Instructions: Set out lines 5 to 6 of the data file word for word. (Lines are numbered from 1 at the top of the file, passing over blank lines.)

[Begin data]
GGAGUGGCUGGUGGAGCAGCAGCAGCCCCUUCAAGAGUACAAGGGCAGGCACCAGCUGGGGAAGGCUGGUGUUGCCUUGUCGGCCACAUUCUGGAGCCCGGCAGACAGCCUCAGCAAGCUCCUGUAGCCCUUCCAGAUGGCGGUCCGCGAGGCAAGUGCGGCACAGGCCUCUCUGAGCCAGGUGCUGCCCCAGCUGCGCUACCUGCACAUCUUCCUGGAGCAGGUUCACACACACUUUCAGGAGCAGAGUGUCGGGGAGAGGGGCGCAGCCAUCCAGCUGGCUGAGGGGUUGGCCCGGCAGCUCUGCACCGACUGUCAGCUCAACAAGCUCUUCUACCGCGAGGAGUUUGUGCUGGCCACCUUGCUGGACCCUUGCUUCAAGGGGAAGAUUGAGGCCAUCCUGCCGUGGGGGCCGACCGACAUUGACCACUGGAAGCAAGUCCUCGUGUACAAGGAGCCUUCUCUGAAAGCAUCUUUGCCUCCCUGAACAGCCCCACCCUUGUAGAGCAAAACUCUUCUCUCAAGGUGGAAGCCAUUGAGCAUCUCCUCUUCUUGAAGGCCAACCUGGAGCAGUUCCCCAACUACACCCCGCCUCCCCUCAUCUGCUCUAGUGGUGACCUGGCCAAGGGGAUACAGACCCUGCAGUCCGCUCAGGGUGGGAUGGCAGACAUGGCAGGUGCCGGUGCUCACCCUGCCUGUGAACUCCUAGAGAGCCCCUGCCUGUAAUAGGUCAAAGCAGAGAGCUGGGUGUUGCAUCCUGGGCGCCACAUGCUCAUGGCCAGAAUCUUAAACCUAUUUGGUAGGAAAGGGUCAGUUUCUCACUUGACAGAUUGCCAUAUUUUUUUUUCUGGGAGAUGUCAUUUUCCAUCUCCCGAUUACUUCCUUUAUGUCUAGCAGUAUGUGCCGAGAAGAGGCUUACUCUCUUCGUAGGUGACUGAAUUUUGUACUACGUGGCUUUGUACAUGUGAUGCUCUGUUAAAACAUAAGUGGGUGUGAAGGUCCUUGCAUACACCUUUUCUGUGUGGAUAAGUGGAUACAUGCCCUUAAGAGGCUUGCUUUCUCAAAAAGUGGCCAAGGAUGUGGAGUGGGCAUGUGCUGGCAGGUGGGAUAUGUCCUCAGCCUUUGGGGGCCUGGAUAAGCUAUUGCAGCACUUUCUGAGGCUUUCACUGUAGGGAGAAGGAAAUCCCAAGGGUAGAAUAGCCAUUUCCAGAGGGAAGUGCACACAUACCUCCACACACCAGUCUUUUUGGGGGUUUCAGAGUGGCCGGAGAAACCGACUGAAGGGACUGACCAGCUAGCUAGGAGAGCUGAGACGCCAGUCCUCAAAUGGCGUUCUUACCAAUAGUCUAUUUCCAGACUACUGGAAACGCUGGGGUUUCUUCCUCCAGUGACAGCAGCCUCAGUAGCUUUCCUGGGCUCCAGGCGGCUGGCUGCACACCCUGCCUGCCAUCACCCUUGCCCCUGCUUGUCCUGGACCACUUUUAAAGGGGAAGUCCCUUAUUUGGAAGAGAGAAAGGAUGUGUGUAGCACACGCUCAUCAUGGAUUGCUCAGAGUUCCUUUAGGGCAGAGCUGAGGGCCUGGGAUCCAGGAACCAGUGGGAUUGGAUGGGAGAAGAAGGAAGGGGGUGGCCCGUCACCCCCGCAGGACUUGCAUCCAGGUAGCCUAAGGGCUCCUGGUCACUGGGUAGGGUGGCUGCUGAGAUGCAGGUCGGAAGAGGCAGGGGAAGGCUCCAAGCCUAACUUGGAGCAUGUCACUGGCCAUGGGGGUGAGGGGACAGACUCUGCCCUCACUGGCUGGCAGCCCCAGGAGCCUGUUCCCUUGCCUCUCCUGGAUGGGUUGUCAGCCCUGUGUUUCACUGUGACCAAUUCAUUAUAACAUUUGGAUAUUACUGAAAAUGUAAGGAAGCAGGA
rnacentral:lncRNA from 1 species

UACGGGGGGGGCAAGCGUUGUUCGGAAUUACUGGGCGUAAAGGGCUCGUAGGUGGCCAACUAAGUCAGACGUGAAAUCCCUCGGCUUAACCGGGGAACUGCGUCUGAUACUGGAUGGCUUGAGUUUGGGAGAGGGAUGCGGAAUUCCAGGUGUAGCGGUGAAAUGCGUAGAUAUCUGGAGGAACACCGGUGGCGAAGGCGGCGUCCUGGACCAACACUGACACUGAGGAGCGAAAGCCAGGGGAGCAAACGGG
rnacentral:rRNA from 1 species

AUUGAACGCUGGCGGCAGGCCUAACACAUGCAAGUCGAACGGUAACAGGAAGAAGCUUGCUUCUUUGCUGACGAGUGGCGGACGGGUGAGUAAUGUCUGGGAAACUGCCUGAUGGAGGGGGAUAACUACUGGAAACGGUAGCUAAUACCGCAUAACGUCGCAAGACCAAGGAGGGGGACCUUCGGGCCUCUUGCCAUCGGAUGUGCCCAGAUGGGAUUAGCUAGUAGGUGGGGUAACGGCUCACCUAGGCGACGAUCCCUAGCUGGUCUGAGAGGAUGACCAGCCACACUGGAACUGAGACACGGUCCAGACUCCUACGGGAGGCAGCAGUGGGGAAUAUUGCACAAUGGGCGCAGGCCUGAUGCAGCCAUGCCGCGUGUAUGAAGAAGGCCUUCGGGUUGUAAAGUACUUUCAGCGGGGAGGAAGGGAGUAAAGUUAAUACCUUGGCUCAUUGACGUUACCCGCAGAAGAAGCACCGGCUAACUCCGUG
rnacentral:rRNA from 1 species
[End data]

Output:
AUUGAACGCUGGCGGCAGGCCUAACACAUGCAAGUCGAACGGUAACAGGAAGAAGCUUGCUUCUUUGCUGACGAGUGGCGGACGGGUGAGUAAUGUCUGGGAAACUGCCUGAUGGAGGGGGAUAACUACUGGAAACGGUAGCUAAUACCGCAUAACGUCGCAAGACCAAGGAGGGGGACCUUCGGGCCUCUUGCCAUCGGAUGUGCCCAGAUGGGAUUAGCUAGUAGGUGGGGUAACGGCUCACCUAGGCGACGAUCCCUAGCUGGUCUGAGAGGAUGACCAGCCACACUGGAACUGAGACACGGUCCAGACUCCUACGGGAGGCAGCAGUGGGGAAUAUUGCACAAUGGGCGCAGGCCUGAUGCAGCCAUGCCGCGUGUAUGAAGAAGGCCUUCGGGUUGUAAAGUACUUUCAGCGGGGAGGAAGGGAGUAAAGUUAAUACCUUGGCUCAUUGACGUUACCCGCAGAAGAAGCACCGGCUAACUCCGUG
rnacentral:rRNA from 1 species